Maricar Marquez never goes for a run without her dog Cliff. Not because he whines if she leaves the house without him, but because Marquez is deaf and blind, and Cliff is her guide dog.
Marquez has a condition known as Usher syndrome. As a result, she was born deaf and with a progressive visual condition called retinitis pigmentosa. “It started off as night blindness. Eventually I started having tunnel vision, which means that my peripheral vision was diminishing. I used to be a visual signer but as I started losing my peripheral vision, I started relying on tactile sign language,” says Marquez, who is a supervisor of the independent living department at the Helen Keller National Center.
Not all guide dogs are trained to guide while running. In fact, Marquez and Cliff were connected through New York-based non-profit Guiding Eyes for the Blind, the only guide dog school with a Running Guides program. The ability to run with a guide dog, rather than relying on a human guide, has made a huge impact on Marquez’s ability to exercise — and, in her words, to feel free.
We asked Marquez about her relationship with Cliff and her love of running.
Refinery29: Did you always love running?
Maricar Marquez: "Not always. I have always been very active, though. I was on the volleyball team, but I have to admit I was a lousy player. I started experiencing peripheral vision loss and night blindness during high school, and it’s hard to find the ball when you have restricted visual fields.
"Back then, though, I wasn’t as active as I am today. I didn’t start running until I went to Gallaudet [University, a private university for the deaf and hard of hearing]. That’s where I developed my love for running and sports in general. Now I run, but I’m also an avid bike rider. I use a tandem bike… obviously I can’t ride on my own.
"I consider myself an all-around athlete. I enjoy trying new things like caving, swimming, rock climbing — I’m usually up for anything. I even tried sky diving."
Had you ever run with a dog before Cliff?
"No. Guiding Eyes for the Blind is the only program in the country that has this type of running guide program. And while I have been involved in many races — including the New York City Marathon and the Oyster Bay Triathlon — before Cliff, I ran with a human guide.
"As I lost more and more of my vision, I had started to lose my motivation for running. I missed being active, so when I heard about this running program I got excited. But the thought of running with a dog also made me nervous. I worried that he would just take off and I would be left in the dust.
"To make sure this didn’t happen I decided to get back to the gym and start working out again. I wanted to make sure I was able to keep up with him, so I started running on the treadmill at my workplace's gym to improve my endurance and speed."
What was the training like with Cliff?
"The first thing you need to do is develop a relationship with your dog. I remember meeting Cliff and falling in love right away. He is such a sweet, good-natured dog. We bonded immediately so there was no issue there. The bonding came very easily. Then we were able to start training.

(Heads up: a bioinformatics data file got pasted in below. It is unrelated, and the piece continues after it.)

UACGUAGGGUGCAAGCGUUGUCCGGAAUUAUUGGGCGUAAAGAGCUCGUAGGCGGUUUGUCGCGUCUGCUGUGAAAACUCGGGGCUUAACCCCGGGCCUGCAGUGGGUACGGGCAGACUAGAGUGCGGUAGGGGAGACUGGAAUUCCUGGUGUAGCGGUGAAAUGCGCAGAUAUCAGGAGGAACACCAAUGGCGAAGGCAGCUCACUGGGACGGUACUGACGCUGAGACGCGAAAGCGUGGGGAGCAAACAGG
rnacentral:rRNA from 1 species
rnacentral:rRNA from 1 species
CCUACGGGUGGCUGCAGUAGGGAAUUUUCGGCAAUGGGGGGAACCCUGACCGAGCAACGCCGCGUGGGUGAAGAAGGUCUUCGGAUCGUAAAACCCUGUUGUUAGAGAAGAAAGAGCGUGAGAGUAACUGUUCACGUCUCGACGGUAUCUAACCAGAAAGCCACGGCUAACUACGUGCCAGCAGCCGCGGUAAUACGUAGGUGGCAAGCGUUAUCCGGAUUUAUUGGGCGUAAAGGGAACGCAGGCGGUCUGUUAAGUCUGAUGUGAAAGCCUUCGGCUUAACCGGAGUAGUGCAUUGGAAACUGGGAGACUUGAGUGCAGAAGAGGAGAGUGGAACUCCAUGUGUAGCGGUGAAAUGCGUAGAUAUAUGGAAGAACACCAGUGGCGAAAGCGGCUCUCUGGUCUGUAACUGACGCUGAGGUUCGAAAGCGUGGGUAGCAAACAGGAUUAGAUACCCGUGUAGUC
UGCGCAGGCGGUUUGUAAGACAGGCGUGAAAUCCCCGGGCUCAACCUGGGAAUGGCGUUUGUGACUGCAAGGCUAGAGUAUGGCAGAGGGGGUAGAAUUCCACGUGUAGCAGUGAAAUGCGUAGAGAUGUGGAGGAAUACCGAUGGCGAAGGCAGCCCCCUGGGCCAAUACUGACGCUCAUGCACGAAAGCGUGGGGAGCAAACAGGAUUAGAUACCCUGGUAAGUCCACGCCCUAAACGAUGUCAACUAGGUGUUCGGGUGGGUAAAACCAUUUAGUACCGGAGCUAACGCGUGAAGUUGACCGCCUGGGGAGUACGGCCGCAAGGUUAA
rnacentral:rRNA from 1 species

"The running portion of our training also worked out perfectly from the start. Cliff followed my pace, and it was a very comfortable fit. I was excited and of course a little nervous too. I had waited two and a half years for Cliff. But he was well worth the wait."
What’s it like running with Cliff compared to running with another person?
"When I’m running with Cliff I feel more independent. I guess the word I would use is “free”. I’m not depending on another person. I depend on people for so much — it’s nice to be on my own.
"Don’t get me wrong, I still depend on people to provide me with visual information and facilitate communication with others when I’m in a race or a run. I’m thankful to all the people in my life for that. Cliff isn’t able to sign to me.
"But holding onto a human guide can be tricky when running. I have problems with my balance and using a human guide throws my balance off even more. Cliff has a special running harness. It’s very comfortable. I give the directions but Cliff guides me around any obstacles in our way. For example, I’ve been running on a boardwalk recently and he guides me around the people, benches, and any construction sites."
What’s the biggest impact that Cliff has made on your life?
"I guess running would be the biggest impact. If I had gotten another dog who didn’t have this specialised training I may not have gotten back into running and all the other activities that I love to do. He has given me the motivation to run, and to do other activities as well, because now I'm feeling good, I feel strong and in shape. We graduated in December 2018 from the GB and since then I've joined two races, a 5k, and a triathlon.
"I’ve completed many triathlons in the past, but it had been a few years since I had competed. I kept talking about it but never followed through. Then when I got Cliff I told myself I have no more excuses. It’s time to get back out there. So I started training. If I didn’t have Cliff I don’t know if I would have had the motivation to get back to my active life. I’m thankful to him for that."